Wireless connection keeps dropping off

Discussion in 'Wireless Networking' started by Guest, Nov 30, 2005.

  1. Guest

    Guest Guest

    Have a laptop with a centrino processor, after it connects with the router at
    home it drops the connection in a minute and shows a red X on the wireless
    network connection. There are 2 other desktops on the same router and the
    motorola 220 router shows 5 bars on the wireless network connection, but does
    not connect again. When I am on the road it works fine at a hotel. Could you
    please help me.
     
    Guest, Nov 30, 2005
    #1
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  2. Guest

    Ryan Younger Guest

    You don't say if you are using authentication. If you are using WPA this is
    a symptom that has been experienced by others and there is a registry edit
    on my blog. If not, you may be experiencing co-channel overlap with someone
    else's AP. Please check your configuration against the following article:


    Wireless Connection Troubleshooting in Windows XP Service Pack 2 (For users
    connecting to a Wireless Access Point or Wireless Router)

    http://www.ryanyounger.plus.com/wireless/article3.htm



    --
    All the best,

    Ryan Younger.
    http://spaces.msn.com/members/wirelessnetworking/ - Ryan's Wireless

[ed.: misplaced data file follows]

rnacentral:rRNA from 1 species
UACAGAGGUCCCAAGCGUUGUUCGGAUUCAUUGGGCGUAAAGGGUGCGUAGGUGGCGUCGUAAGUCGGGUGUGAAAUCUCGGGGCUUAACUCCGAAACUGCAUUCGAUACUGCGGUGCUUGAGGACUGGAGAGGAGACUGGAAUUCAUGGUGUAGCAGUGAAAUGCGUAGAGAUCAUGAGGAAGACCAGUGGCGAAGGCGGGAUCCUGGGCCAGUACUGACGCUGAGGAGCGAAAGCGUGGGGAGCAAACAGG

Networking Weblog

     
    Ryan Younger, Nov 30, 2005
    #2
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  3. Hi
    Might be excessive noise form 2.4GHz phone or similar device.
    What the Signal Strength Bars mean in Wireless hardware? -
    http://www.ezlan.net/wbars.html
    Jack (MVP-Networking).
     
    Jack \(MVP-Networking\)., Dec 1, 2005
    #3
  4. Guest

    Guest Guest

    Jack, Great point, I do have several 5.8Hz phones around. I will switch them
    off and see. However the other two desktops have the 5.8Hz next to them as
    well!
     
    Guest, Dec 1, 2005
    #4
  5. Guest

    Ryan Younger Guest

    5Ghz devices will only affect you if you are using 802.11a, as you say a
    number of devices operate within this band and can cause noise.

    802.11b and 802.11g use the 2.4Ghz band. Devices such as microwave's
    contain magnetrons which operate within this band (mine operates at 2450Mhz
    = 2.4Ghz), they can cause interference but are quite well shielded. Other
    wireless devices also cause noise within this band.

    You can use Netstumbler to gauge signal-to-noise ratio (SNR). Again, this
    is covered in the article I referred you to earlier:


    Wireless Connection Troubleshooting in Windows XP Service Pack 2 (For users
    connecting to a Wireless Access Point or Wireless Router)

    http://www.ryanyounger.plus.com/wireless/article3.htm




    --
    All the best,

    Ryan Younger.
    http://spaces.msn.com/members/wirelessnetworking/ - Ryan's Wireless
    Networking Weblog

     
    Ryan Younger, Dec 1, 2005
    #5
  6. With 802.11a stay away from channels 153 through 161.
    Many US products don't even offer those channels...

    I've got 5.8 GHz phones here and tons of 802.11a with no interference
    whatsoever..

    --

    Barb Bowman
    MS Windows-MVP
    Expert Zone Columnist
    http://www.microsoft.com/windowsxp/expertzone/meetexperts/bowman.mspx
    http://blogs.digitalmediaphile.com/barb/
     
    Barb Bowman MVP-Windows, Dec 1, 2005
    #6
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